Manduca's research focuses on urban and regional economic development and the consequences of rising inequality for social life in the United States. He uses descriptive and simulation methods to study the impacts of changes in the income distribution on people and places. A recurring theme in his work is the importance of federal policy decisions in shaping the economic geography of the US.
Explores classic approaches to the regulation of employment that solidified in the period following the world wars. Explores how unions and collective bargaining, labor and employment laws, and social partnerships are, and will continue to be, important institutions in many countries. Reimagines old and new ideas for the governance of work and employment in global, digital, post-industrial, and rapidly changing economies and societies.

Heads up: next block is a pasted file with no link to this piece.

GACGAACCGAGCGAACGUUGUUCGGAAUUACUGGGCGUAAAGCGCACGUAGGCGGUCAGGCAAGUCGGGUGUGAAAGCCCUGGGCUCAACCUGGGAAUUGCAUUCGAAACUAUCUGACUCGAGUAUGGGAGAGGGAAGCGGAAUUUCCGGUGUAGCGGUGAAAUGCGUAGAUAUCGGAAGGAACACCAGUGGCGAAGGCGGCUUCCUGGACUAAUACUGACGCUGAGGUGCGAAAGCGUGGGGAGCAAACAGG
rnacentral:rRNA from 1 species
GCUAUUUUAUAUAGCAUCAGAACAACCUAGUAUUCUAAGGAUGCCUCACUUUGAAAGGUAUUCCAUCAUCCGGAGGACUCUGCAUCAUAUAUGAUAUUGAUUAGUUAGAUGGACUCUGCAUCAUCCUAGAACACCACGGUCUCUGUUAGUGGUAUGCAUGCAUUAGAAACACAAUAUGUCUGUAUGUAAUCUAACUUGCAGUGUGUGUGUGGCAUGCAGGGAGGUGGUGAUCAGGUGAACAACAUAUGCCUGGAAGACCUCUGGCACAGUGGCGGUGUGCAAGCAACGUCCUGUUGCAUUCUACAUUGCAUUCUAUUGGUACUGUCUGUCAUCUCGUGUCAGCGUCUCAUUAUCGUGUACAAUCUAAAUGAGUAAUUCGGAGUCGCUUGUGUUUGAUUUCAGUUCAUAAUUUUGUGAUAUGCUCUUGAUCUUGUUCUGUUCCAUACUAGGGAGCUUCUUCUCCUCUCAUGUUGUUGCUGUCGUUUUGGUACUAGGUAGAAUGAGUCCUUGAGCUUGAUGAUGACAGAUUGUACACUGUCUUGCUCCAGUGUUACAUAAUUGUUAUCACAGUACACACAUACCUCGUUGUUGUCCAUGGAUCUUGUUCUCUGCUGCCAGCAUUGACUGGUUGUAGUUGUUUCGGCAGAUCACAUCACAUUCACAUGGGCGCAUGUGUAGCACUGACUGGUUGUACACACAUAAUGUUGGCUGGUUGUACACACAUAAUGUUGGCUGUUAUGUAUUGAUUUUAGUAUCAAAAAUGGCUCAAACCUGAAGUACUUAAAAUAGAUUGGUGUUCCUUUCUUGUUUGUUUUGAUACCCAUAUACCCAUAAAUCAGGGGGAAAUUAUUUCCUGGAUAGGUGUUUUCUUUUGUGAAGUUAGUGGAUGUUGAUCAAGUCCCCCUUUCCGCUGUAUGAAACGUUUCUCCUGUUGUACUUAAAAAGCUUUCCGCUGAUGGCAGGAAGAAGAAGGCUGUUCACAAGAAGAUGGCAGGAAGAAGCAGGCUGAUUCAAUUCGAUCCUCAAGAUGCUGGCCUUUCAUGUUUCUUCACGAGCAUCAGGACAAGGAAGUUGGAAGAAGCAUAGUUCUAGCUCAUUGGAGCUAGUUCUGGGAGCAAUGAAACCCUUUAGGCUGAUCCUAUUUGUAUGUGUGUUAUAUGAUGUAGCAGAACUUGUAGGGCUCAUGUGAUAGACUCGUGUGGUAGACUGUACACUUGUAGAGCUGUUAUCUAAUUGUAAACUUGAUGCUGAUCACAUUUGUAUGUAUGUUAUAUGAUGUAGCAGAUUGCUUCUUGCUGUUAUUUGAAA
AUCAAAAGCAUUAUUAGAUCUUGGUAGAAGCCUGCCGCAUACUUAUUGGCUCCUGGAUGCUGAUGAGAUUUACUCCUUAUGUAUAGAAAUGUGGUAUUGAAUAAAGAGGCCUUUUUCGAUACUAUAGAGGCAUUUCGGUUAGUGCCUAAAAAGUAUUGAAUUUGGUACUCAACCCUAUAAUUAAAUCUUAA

Argues that a key and underappreciated driver of the racial income gap has been the national trend of rising income inequality.
Examine the correspondence between Phoenix metro area restaurants identified by a social media source (yelp.com) and those from an administrative source (Maricopa Association of Governments [MAG]). Finds that they capture largely disjoint subsets of Phoenix restaurants, with only about one-third of restaurants in each data set present in the other.
Estimates rates of "absolute income mobility" - the fraction of children who earn more than their parents - by combining historical data from Census and CPS cross-sections with panel data for recent birth cohorts from de-identified tax records.